Your risk for stroke begins earlier than you think.
Every 40 seconds, someone in the United States suffers a stroke, according to the Centers for Disease Control and Prevention (CDC). Despite this high rate, stroke continues to be misunderstood by many Americans.
And these misconceptions about stroke have deep consequences. Recognizing the symptoms of stroke, understanding the urgency of stroke treatment, and knowing your risk of stroke can save your life or the lives of your loved ones.
Believing these three prevailing myths about stroke can endanger your life or worsen the outcome of a potential stroke, according to Carolyn Brockington, MD, a neurologist at Mount Sinai Hospital in New York City.
Myth: Stroke does not happen to young people.
The typical image of a stroke patient is white-haired with wrinkled hands, and it’s not totally invalid: 66 percent of stroke patients are 65 years or older, according to the CDC. Stroke risk does increase with age.
But that leaves another 34 percent of stroke patients below the age of 65. “The truth is that strokes can occur to anyone, at any age,” says Dr. Brockington.
In fact, strokes among younger adults are on the rise. Between 1995 and 2010, stroke incidence decreased among people over the age of 45, but increased in people between the ages of 15 and 44, according to a 2013 study in the journal Stroke. Learn more about why stroke is increasing among young adults.
Myth: There is no treatment for stroke.
Strokes can cause lasting damage or even be fatal, but advances in treatment and rehabilitation options means stroke is very treatable. Patients receive targeted treatment both when they arrive at the ER and afterward to promote recovery, according to Dr. Brockington.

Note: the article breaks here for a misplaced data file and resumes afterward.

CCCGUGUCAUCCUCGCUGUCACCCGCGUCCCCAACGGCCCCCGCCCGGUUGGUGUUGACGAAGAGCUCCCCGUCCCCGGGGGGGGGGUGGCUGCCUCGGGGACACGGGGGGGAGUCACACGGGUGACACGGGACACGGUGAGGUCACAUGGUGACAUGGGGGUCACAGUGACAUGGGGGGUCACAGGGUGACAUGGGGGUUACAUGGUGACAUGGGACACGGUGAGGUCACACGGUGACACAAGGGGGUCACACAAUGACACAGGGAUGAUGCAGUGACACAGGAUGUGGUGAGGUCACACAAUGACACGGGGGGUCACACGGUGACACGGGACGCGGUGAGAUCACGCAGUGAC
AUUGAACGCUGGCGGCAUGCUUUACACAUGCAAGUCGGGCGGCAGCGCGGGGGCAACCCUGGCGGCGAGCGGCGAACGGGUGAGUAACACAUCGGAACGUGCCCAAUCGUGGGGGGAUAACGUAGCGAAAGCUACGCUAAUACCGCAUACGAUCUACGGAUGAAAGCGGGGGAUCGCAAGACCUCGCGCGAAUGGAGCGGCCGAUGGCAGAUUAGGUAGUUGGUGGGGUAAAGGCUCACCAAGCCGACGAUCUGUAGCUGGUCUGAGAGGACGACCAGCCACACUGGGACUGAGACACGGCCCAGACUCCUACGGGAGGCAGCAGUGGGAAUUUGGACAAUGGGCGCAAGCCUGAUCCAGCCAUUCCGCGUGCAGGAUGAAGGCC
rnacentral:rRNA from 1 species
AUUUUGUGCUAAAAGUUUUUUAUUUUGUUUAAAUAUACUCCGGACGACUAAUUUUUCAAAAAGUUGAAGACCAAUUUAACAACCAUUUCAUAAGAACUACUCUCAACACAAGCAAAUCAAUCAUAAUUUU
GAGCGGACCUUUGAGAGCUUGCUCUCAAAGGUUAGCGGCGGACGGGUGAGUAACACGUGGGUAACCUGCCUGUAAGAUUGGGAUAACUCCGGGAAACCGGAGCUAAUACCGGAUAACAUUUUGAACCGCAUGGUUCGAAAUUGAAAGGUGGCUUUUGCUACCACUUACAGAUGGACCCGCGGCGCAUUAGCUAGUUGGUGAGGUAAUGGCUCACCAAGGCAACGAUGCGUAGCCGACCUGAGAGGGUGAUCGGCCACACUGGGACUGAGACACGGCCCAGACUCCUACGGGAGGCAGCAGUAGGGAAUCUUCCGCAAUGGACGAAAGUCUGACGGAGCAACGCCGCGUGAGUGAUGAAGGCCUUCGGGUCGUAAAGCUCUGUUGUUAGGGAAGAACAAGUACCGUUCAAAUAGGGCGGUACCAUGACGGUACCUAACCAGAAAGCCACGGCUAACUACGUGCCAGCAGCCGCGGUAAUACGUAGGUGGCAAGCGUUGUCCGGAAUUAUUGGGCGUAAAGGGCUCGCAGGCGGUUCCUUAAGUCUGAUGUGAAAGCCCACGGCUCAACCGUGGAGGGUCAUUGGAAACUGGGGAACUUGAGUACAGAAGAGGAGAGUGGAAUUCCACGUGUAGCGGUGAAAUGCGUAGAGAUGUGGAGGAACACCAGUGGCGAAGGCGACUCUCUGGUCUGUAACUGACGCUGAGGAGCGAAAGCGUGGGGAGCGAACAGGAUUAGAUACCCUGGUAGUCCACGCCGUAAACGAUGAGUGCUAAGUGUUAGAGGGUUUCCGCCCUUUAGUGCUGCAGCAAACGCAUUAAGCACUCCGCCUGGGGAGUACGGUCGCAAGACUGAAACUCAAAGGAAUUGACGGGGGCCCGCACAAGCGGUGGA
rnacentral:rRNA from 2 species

“Coming in right away is key,” says Dr. Brockington. “Doctors are going to be able to determine which treatment you’re eligible for.”
The kind of stroke treatment you can receive depends on many different factors, such as your age, the type of stroke you had, and how many minutes or hours have passed since the stroke started.
For example, tissue plasminogen activator (tPA) is the first line of treatment against ischemic strokes, but it is most effective if administered within three hours of stroke onset.
Myth: You can’t recover from stroke.
In the past, having a stroke meant living with permanent damaging effects like difficulty walking, changes in personality, and loss of facial expression. While this is possible, improved therapies have allowed more stroke patients to recover and in some cases get back to their previous lives.
Of course, your recovery from stroke can be dependent on how quickly you seek treatment. Doctors refer to this as “time is brain.” The longer your stroke goes untreated, the more brain cells are damaged, and the more challenging the recovery can be.
When treatment is prompt, a more complete recovery from stroke is more likely. “People can return to their lives,” says Dr. Brockington. “They can go back to work, go back to having fun, [and] go on vacations.”
Dr. Brockington is a neurologist and director of the Stroke Center at Mount Sinai St. Luke’s and Mount Sinai West Hospital in New York City.
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There are a lot of misconceptions or
myths about stroke.